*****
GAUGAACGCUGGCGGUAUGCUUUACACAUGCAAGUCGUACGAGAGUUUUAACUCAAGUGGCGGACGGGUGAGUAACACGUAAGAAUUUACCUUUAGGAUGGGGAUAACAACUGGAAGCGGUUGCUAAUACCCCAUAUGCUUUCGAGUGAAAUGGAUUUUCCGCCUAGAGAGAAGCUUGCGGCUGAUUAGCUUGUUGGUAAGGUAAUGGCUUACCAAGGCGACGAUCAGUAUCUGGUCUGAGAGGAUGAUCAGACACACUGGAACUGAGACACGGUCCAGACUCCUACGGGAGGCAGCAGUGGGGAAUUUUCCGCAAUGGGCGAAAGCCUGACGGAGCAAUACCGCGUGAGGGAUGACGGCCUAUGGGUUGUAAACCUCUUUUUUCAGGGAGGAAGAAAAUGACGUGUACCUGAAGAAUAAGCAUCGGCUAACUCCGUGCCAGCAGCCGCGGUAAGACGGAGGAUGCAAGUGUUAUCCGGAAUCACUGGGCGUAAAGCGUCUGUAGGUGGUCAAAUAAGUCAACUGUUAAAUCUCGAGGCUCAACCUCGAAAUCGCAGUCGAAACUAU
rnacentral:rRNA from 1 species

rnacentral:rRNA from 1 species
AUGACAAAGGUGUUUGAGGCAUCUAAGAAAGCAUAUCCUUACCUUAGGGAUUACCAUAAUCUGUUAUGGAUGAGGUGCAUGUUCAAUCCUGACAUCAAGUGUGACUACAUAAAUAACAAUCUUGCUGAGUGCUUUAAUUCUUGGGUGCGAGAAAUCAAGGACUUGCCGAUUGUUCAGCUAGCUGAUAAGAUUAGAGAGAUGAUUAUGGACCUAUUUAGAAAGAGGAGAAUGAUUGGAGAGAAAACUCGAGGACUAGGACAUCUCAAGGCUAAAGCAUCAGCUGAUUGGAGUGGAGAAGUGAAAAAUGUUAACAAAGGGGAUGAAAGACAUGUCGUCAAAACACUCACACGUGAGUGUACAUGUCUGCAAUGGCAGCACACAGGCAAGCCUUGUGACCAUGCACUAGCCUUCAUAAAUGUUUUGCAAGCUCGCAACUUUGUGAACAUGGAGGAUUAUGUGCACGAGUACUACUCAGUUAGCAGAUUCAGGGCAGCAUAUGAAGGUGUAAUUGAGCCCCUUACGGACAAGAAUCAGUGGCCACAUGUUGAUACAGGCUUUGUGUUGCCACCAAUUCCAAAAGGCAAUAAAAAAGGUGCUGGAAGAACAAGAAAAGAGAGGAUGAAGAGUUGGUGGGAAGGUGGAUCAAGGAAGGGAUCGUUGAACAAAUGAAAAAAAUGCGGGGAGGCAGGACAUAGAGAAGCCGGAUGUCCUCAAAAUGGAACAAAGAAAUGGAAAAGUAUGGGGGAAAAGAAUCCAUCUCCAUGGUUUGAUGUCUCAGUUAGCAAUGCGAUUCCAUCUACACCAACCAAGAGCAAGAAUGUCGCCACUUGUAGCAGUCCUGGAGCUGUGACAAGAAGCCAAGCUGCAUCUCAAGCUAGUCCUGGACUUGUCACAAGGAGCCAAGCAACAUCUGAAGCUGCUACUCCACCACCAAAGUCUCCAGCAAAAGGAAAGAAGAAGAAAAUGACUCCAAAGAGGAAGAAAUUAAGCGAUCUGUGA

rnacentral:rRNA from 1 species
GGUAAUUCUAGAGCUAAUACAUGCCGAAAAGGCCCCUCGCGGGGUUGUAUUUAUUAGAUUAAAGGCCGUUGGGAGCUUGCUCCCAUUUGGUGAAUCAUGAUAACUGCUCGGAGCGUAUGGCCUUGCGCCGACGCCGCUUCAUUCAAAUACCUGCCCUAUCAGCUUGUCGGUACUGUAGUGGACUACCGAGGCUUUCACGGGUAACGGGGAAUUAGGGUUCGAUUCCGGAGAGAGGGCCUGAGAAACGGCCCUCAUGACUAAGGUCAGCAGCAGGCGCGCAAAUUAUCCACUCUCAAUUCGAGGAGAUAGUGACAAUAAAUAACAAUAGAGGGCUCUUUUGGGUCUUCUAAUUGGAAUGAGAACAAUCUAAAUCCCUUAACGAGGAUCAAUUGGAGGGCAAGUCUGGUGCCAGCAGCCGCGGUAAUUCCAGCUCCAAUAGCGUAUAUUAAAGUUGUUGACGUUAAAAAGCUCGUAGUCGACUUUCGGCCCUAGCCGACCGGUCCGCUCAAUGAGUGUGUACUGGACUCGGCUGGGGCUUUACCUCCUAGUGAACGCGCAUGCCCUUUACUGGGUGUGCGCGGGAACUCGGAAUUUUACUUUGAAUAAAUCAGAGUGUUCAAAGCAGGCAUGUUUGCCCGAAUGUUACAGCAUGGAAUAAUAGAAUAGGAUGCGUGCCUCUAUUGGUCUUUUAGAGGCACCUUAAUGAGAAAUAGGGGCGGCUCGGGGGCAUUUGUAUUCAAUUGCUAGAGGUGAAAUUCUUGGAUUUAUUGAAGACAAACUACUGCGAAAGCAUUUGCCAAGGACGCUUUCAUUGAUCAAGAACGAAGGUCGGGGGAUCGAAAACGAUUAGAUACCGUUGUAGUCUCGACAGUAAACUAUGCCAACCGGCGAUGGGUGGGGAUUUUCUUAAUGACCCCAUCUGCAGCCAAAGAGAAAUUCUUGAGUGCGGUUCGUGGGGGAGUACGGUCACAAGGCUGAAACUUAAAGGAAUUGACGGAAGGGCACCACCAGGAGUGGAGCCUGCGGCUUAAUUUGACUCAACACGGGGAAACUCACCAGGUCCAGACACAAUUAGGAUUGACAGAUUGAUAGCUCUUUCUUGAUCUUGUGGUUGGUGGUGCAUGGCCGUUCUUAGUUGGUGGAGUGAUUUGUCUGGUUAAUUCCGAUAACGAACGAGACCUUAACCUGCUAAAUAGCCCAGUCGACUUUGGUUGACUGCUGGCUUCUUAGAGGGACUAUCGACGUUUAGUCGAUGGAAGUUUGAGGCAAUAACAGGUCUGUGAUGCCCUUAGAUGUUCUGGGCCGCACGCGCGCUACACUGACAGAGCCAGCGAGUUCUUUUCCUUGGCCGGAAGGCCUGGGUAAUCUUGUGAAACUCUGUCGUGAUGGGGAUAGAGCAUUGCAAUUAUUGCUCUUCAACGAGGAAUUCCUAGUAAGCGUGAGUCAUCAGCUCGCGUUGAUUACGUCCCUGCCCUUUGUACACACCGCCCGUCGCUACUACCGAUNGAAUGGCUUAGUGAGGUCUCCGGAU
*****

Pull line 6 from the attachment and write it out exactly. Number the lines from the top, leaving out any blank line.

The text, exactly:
GGUAAUUCUAGAGCUAAUACAUGCCGAAAAGGCCCCUCGCGGGGUUGUAUUUAUUAGAUUAAAGGCCGUUGGGAGCUUGCUCCCAUUUGGUGAAUCAUGAUAACUGCUCGGAGCGUAUGGCCUUGCGCCGACGCCGCUUCAUUCAAAUACCUGCCCUAUCAGCUUGUCGGUACUGUAGUGGACUACCGAGGCUUUCACGGGUAACGGGGAAUUAGGGUUCGAUUCCGGAGAGAGGGCCUGAGAAACGGCCCUCAUGACUAAGGUCAGCAGCAGGCGCGCAAAUUAUCCACUCUCAAUUCGAGGAGAUAGUGACAAUAAAUAACAAUAGAGGGCUCUUUUGGGUCUUCUAAUUGGAAUGAGAACAAUCUAAAUCCCUUAACGAGGAUCAAUUGGAGGGCAAGUCUGGUGCCAGCAGCCGCGGUAAUUCCAGCUCCAAUAGCGUAUAUUAAAGUUGUUGACGUUAAAAAGCUCGUAGUCGACUUUCGGCCCUAGCCGACCGGUCCGCUCAAUGAGUGUGUACUGGACUCGGCUGGGGCUUUACCUCCUAGUGAACGCGCAUGCCCUUUACUGGGUGUGCGCGGGAACUCGGAAUUUUACUUUGAAUAAAUCAGAGUGUUCAAAGCAGGCAUGUUUGCCCGAAUGUUACAGCAUGGAAUAAUAGAAUAGGAUGCGUGCCUCUAUUGGUCUUUUAGAGGCACCUUAAUGAGAAAUAGGGGCGGCUCGGGGGCAUUUGUAUUCAAUUGCUAGAGGUGAAAUUCUUGGAUUUAUUGAAGACAAACUACUGCGAAAGCAUUUGCCAAGGACGCUUUCAUUGAUCAAGAACGAAGGUCGGGGGAUCGAAAACGAUUAGAUACCGUUGUAGUCUCGACAGUAAACUAUGCCAACCGGCGAUGGGUGGGGAUUUUCUUAAUGACCCCAUCUGCAGCCAAAGAGAAAUUCUUGAGUGCGGUUCGUGGGGGAGUACGGUCACAAGGCUGAAACUUAAAGGAAUUGACGGAAGGGCACCACCAGGAGUGGAGCCUGCGGCUUAAUUUGACUCAACACGGGGAAACUCACCAGGUCCAGACACAAUUAGGAUUGACAGAUUGAUAGCUCUUUCUUGAUCUUGUGGUUGGUGGUGCAUGGCCGUUCUUAGUUGGUGGAGUGAUUUGUCUGGUUAAUUCCGAUAACGAACGAGACCUUAACCUGCUAAAUAGCCCAGUCGACUUUGGUUGACUGCUGGCUUCUUAGAGGGACUAUCGACGUUUAGUCGAUGGAAGUUUGAGGCAAUAACAGGUCUGUGAUGCCCUUAGAUGUUCUGGGCCGCACGCGCGCUACACUGACAGAGCCAGCGAGUUCUUUUCCUUGGCCGGAAGGCCUGGGUAAUCUUGUGAAACUCUGUCGUGAUGGGGAUAGAGCAUUGCAAUUAUUGCUCUUCAACGAGGAAUUCCUAGUAAGCGUGAGUCAUCAGCUCGCGUUGAUUACGUCCCUGCCCUUUGUACACACCGCCCGUCGCUACUACCGAUNGAAUGGCUUAGUGAGGUCUCCGGAU